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Newest state Supreme Court justice has storied career

Photo by Avan Clark

Photo by Avan Clark

vernment -- up to and including the Georgia Supreme Court -- has been immune to the budget cuts that have made the "do more with less" mantra a new way of life.

The seven-justice court's newest member, David E. Nahmias, who was appointed by Gov. Sonny Perdue on Aug. 13, 2009, told The Albany Herald Editorial Board Tuesday that the state's highest court is currently operating on a bare-bones budget.

"If we have to make more cuts, quite frankly, I don't know where they'd come from," Nahmias said. "I've had to grab furniture from empty offices; we no longer have a law library; and we've cut our staff of everything but lawyers.

"I understand that everyone's going through the same thing, but the Supreme Court is Constitutionally bound to hear some cases within a specific time frame. There are things we can't put on hold."

Nahmias, who grew up in Atlanta and later excelled at Duke University and at Harvard Law School (where he served as editor of the Harvard Law Review along with President Obama), was in Southwest Georgia to meet and talk with judges and law enforcement officials in the region in advance of his first statewide election campaign.

The justice spoke Tuesday at a lunch meeting of the Dougherty County Rotary Club. He was introduced by former Dougherty County District Attorney and current state attorney general candidate Ken Hodges.

The budget cuts Nahmias spoke of have been partially responsible for a growing backlog of cases throughout the state judicial system that threatens to overwhelm the system.

"We've reached a point where courts have developed an order for their cases: capital, criminal, family law ... and everything else at the end of the line," he said. "I've heard of courts that have had to put child custody cases on hold for 60 days. And business disputes, which might need immediate attention, are being pushed down to the end of the line.

"The economy is going to bounce back at some point, but even well-run counties are in danger of building backlogs that will screw up their court system for generations to come."

After graduating magna cum laude from Harvard Law in 1991, Nahmias clerked for Judge Laurence Silberman of the U.S. Circuit Court for the District of Columbia and for Justice Antonin Scalia on the U.S. Supreme Court.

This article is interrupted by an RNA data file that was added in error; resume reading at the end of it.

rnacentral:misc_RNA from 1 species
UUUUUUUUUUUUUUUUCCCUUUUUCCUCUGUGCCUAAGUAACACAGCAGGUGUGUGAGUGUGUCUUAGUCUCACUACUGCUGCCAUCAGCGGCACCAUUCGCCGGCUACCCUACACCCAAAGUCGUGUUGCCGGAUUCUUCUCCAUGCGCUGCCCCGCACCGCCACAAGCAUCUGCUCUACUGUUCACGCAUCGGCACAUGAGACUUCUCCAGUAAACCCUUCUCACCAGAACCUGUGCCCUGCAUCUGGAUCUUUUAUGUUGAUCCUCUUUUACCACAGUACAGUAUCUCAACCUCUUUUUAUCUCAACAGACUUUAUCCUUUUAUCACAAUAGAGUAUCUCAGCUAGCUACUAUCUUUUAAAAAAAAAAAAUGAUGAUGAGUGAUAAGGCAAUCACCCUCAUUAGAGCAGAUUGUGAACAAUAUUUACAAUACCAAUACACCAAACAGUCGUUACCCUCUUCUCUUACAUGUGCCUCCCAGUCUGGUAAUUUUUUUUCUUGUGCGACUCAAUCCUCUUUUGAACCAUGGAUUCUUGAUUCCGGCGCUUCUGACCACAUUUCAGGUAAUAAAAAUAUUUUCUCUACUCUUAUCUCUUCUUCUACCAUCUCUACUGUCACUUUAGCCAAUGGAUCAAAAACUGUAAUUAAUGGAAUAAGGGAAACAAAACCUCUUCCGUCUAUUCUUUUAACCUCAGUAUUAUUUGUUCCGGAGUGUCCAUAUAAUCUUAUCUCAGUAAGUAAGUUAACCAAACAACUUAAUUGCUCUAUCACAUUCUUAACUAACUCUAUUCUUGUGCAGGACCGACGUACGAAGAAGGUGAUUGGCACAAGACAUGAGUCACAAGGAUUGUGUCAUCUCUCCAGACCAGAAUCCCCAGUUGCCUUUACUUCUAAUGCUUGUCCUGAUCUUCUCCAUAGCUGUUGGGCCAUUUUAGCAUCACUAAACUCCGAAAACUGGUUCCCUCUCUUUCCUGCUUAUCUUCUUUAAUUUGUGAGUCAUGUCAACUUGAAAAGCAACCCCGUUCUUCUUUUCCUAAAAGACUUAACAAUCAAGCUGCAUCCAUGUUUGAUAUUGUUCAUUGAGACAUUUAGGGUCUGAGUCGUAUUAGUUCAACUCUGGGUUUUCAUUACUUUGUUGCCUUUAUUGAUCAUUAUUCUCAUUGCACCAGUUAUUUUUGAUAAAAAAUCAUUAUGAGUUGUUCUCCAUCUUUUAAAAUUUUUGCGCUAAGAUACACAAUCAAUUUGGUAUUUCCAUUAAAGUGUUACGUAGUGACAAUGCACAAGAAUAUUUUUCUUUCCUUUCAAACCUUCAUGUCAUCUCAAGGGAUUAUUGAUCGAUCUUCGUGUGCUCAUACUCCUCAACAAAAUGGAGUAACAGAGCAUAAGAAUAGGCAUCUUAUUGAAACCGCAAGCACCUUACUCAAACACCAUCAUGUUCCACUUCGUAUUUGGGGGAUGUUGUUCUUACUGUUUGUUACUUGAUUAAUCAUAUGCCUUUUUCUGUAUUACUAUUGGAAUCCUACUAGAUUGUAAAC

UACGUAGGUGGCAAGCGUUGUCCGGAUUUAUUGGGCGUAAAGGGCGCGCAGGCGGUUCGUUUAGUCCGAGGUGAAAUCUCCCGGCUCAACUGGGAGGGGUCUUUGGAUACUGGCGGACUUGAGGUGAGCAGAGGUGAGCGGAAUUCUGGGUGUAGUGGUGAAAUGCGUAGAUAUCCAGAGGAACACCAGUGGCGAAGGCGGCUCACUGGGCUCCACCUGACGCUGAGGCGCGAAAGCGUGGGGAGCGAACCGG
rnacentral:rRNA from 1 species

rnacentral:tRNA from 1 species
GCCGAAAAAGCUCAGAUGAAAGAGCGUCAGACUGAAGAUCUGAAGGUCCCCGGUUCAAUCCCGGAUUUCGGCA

Nahmias practiced private law with the Washington-based Hogan & Hartson firm until joining the U.S. Attorney's Office in Atlanta as a federal prosecutor in 1995. There, he prosecuted a number of high-profile cases, including securing a guilty plea from Centennial Olympic Park bomber Eric Rudolph that resulted in a life-without-the-possibility-of-parole sentence, and the tax evasion case of former Atlanta Mayor Bill Campbell.

"A lot of people asked why we didn't push for the death penalty against Rudolph," Nahmias said. "But even with an extensive FBI investigation, there were about 250 pounds of stolen dynamite linked to him that hadn't been accounted for. We were able, as part of his plea, to get the location of that dynamite.

"A large part of it was buried in front of an FBI building that I went to on a number of occasions."

On Dec. 1, 2004, Nahmias was nominated by President George W. Bush and was unanimously confirmed by the U.S. Senate as United States Attorney for the Northern District of Georgia. He held that position until being appointed to the Georgia Supreme Court last year.

"One of the most pleasant surprises I've witnessed on the Supreme Court is the number of high-quality lawyers and judges in Georgia," Nahmias said. "A lot of people told me that since I'd spent most of my career in the federal court system that I'd find the lawyers here not as good as what I was accustomed to. That hasn't been the case, though.

"There are the same superstars and others who you wonder why they haven't been brought before a discipline board, but there are excellent attorneys in the state system."

Nahmias said he's "still feeling his way through the election process" as he prepares to run for a full term on the bench.

"What I've seen in Georgia is that unless a judge is way out of touch, serious challenges don't usually happen," he said. "Frankly, I'm hoping to run unopposed in November, but I still find it useful to get around to other parts of the state to meet the judges and court officials.

"I think my place on the (Supreme Court) is a great fit. It's interesting and challenging, and it's important because our ruling is pretty much the last word on state issues."